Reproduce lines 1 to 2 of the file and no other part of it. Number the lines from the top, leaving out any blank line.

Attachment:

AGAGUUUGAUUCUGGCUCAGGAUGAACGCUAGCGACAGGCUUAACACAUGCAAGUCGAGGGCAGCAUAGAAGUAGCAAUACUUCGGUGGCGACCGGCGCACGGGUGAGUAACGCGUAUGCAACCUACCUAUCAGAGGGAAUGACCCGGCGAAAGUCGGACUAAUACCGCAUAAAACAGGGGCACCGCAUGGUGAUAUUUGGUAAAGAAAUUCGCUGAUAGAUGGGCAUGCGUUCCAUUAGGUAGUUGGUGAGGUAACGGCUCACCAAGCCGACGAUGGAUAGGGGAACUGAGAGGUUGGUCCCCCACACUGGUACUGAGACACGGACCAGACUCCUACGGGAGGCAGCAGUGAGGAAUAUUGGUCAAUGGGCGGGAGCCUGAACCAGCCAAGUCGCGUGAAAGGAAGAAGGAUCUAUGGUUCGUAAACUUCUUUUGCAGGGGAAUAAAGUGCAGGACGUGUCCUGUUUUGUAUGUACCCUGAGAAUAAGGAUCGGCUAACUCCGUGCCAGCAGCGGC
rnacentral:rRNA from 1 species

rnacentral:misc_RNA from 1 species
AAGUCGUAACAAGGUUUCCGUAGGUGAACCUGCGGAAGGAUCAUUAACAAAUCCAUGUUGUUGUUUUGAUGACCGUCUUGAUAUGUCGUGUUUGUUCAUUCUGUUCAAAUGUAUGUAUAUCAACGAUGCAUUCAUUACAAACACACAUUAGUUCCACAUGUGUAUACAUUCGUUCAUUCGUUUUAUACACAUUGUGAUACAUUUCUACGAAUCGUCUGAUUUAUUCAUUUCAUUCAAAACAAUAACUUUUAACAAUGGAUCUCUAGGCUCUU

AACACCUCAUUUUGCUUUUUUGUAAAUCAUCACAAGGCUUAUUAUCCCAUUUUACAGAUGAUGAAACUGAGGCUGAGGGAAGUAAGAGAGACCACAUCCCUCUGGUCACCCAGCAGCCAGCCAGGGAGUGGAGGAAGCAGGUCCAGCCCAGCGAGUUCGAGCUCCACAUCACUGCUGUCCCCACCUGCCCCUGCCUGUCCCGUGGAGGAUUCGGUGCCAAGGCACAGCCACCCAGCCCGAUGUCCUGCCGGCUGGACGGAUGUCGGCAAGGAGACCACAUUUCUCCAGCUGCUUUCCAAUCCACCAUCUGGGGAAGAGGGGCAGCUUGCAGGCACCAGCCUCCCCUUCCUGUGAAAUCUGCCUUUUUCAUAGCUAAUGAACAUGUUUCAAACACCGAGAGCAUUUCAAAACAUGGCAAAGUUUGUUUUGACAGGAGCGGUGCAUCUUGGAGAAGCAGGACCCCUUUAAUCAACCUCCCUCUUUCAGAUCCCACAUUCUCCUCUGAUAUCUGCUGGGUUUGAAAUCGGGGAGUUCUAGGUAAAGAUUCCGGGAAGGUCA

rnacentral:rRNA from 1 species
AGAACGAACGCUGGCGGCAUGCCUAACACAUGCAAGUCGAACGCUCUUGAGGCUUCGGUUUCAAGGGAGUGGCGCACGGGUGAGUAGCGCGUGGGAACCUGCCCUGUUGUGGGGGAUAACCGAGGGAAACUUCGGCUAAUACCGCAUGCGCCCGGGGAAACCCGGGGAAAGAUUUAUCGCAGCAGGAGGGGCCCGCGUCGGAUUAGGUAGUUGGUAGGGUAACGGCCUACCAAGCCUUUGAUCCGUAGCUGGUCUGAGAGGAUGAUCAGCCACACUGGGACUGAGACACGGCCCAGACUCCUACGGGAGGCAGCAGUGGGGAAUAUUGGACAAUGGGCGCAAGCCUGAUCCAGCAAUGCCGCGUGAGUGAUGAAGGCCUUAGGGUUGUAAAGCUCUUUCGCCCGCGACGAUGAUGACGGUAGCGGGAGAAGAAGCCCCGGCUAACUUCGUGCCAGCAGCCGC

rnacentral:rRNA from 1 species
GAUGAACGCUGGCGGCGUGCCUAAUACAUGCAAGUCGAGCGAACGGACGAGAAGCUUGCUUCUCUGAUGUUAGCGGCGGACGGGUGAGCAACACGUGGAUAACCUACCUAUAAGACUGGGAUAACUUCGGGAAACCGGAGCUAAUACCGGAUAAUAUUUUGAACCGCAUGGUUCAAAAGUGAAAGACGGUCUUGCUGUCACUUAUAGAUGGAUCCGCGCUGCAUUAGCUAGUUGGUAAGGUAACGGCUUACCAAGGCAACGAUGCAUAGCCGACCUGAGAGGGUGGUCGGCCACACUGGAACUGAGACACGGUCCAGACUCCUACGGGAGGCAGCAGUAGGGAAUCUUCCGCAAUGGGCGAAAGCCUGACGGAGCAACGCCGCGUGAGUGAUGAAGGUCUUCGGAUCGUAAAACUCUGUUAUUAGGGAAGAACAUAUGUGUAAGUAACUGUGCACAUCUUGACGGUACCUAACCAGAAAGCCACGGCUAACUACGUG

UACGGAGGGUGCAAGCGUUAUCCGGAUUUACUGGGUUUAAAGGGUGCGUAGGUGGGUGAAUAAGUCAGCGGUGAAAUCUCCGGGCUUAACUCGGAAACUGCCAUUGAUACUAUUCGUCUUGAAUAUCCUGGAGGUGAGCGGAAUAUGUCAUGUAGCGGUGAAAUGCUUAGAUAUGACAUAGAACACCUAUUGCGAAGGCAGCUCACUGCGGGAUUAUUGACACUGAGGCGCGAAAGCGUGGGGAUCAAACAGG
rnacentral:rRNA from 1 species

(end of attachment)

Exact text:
AGAGUUUGAUUCUGGCUCAGGAUGAACGCUAGCGACAGGCUUAACACAUGCAAGUCGAGGGCAGCAUAGAAGUAGCAAUACUUCGGUGGCGACCGGCGCACGGGUGAGUAACGCGUAUGCAACCUACCUAUCAGAGGGAAUGACCCGGCGAAAGUCGGACUAAUACCGCAUAAAACAGGGGCACCGCAUGGUGAUAUUUGGUAAAGAAAUUCGCUGAUAGAUGGGCAUGCGUUCCAUUAGGUAGUUGGUGAGGUAACGGCUCACCAAGCCGACGAUGGAUAGGGGAACUGAGAGGUUGGUCCCCCACACUGGUACUGAGACACGGACCAGACUCCUACGGGAGGCAGCAGUGAGGAAUAUUGGUCAAUGGGCGGGAGCCUGAACCAGCCAAGUCGCGUGAAAGGAAGAAGGAUCUAUGGUUCGUAAACUUCUUUUGCAGGGGAAUAAAGUGCAGGACGUGUCCUGUUUUGUAUGUACCCUGAGAAUAAGGAUCGGCUAACUCCGUGCCAGCAGCGGC
rnacentral:rRNA from 1 species